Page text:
Measures which affect the local environment include: the introduction in Britain of the first phase of a system of integrated pollution control, which brings together the regulation of pollution of air, land and water. This has attracted considerable interest in the EC, and may form the basis for Community-wide action; implementation of the majority of the provisions of the Planning and Compensation Act including a development plan-led system which pays close attention to environmental factors, supported by strengthened planning guidance; introduction, in January 1992, of the first phase of a new urban air quality monitoring network, which will provide more information for the public on a wide range of air pollutants; the launch in November 1991 of a major national publicity campaign "Helping the Earth Begins at Home" to raise householders' awareness of the link between home energy use and global warming, and to encourage greater energy efficiency.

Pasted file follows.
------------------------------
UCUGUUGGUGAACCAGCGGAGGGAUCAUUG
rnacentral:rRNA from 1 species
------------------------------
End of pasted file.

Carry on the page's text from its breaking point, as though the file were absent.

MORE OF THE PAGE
At the Department of Transport, my right hon. and learned Friend the Secretary of State has also been making progress on our commitments to make transport more sensitive to the environment by: the introduction of MoT emissions checking to reduce vehicle pollution; publication of "Keeping Buses Moving", a guide to bus priority in urban areas, allocation of £10 million for local bus schemes, and approval of further work in developing the Midland metro light rail scheme.
At the Department of Health work has continued to develop the strategy for "greening the NHS", encouraging the use of environmentally sensitive products, and making more effective use of resources.
Many other Departments are developing their own environmental initiatives. At the Department of Education and Science, the expert committee appointed to consider environmental higher and further education is making good progress; the Ministry of Defence has launched a thorough environmental review of its work; and the Scottish, Welsh and Northern Ireland Offices all have environmental programmes to meet their particular needs.